On the previously leaked GDP number:
In the economic forecast prepared for the September FOMC meeting, the staff lowered its projection for the increase in real economic activity over the second half of 2010. The staff also reduced slightly its forecast of growth next year but continued to anticipate a moderate strengthening of the expansion in 2011 as well as a further pickup in economic growth in 2012. The softer tone of incoming economic data suggested that the underlying level of demand was weaker than projected at the time of the August meeting. Moreover, the outlook for foreign economic activity also appeared a bit weaker. In the medium term, the recovery in economic activity was expected to receive support from accommodative monetary policy, further improvements in financial conditions, and greater household and business confidence. Over the forecast period, the increase in real GDP was projected to be sufficient to slowly reduce economic slack, although resource slack was anticipated to still remain elevated at the end of 2012.
The lone crusader against insanity continues to be Hoenig:
Voting for this action: Ben Bernanke, William C. Dudley, James Bullard, Elizabeth Duke, Sandra Pianalto, Eric Rosengren, Daniel K. Tarullo, and Kevin Warsh.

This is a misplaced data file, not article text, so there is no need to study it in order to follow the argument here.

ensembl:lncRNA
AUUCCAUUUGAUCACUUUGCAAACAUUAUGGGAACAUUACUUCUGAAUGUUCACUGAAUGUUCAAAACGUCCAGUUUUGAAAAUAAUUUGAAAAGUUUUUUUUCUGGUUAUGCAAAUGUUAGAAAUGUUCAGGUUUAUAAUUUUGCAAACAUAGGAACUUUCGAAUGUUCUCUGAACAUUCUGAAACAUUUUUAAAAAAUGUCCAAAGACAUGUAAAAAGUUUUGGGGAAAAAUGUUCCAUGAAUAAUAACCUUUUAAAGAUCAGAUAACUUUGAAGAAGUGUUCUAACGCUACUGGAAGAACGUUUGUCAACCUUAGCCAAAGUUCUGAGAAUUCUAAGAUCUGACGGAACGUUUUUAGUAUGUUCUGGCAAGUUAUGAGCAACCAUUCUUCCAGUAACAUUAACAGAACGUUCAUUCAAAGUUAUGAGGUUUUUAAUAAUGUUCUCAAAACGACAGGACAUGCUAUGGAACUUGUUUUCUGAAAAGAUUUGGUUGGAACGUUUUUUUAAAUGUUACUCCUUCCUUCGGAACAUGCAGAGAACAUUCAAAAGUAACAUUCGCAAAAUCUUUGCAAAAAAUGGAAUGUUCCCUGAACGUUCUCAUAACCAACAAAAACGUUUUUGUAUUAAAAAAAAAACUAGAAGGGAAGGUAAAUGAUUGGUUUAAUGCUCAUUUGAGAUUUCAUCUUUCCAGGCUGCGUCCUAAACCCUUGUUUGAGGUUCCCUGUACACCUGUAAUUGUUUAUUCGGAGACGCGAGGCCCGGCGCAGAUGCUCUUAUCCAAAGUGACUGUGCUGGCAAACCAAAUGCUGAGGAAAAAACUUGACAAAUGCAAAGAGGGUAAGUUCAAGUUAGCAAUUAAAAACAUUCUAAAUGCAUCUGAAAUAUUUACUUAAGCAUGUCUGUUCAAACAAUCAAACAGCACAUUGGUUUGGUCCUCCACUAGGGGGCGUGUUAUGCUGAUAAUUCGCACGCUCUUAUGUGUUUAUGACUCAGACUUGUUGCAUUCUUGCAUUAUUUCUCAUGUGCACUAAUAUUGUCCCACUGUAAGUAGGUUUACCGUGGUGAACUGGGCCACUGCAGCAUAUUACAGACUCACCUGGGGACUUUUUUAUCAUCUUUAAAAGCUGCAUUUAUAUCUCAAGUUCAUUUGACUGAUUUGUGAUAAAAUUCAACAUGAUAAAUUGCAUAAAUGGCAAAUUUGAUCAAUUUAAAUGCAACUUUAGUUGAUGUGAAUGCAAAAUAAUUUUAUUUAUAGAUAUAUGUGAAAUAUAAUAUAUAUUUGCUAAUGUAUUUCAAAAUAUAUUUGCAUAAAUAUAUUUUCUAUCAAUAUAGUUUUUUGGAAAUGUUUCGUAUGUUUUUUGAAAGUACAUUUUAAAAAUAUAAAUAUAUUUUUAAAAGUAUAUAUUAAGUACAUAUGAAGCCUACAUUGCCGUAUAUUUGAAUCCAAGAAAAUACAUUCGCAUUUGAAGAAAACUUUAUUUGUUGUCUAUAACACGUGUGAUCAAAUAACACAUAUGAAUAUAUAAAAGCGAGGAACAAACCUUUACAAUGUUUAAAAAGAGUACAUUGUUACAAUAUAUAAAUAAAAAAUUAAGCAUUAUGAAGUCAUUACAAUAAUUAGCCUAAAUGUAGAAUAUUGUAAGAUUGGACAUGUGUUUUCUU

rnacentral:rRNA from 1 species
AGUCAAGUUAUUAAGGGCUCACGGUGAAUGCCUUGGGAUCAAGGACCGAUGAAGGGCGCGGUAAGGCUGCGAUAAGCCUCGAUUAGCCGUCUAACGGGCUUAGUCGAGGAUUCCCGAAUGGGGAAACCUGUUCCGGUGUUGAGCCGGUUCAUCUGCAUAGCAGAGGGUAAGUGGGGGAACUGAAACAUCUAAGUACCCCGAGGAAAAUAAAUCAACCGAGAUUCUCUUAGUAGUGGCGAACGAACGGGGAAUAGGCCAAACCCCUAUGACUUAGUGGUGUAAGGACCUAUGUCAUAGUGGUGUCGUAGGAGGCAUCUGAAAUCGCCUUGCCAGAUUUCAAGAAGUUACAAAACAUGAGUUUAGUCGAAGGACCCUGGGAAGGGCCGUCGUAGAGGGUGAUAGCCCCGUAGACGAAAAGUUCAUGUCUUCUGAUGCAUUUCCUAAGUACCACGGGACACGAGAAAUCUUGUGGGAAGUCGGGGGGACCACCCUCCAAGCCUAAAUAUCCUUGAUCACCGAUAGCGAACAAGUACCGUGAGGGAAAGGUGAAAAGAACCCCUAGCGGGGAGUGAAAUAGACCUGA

Voting against this action: Thomas M. Hoenig.
Mr. Hoenig dissented, emphasizing that the economy was entering the second year of moderate recovery and that, while the zero interest rate policy and "extended period" language were appropriate during the crisis and its immediate aftermath, they were no longer appropriate with the recovery under way. Mr. Hoenig also emphasized that, in his view, the current high levels of unemployment were not caused by high interest rates but by an extended period of exceptionally low rates earlier in the decade that contributed to the housing bubble and subsequent collapse and recession. He believed that holding rates artificially low would invite the development of new imbalances and undermine long-run growth. He would prefer removing the "extended period" language and thereafter moving the federal funds rate upward, consistent with his views at past meetings that it approach 1 percent, before pausing to determine what further policy actions were needed. Also, given current economic and financial conditions, Mr. Hoenig did not believe that continuing to reinvest principal payments from SOMA securities holdings was required to support the Committee's policy objectives.
All in all, just as expected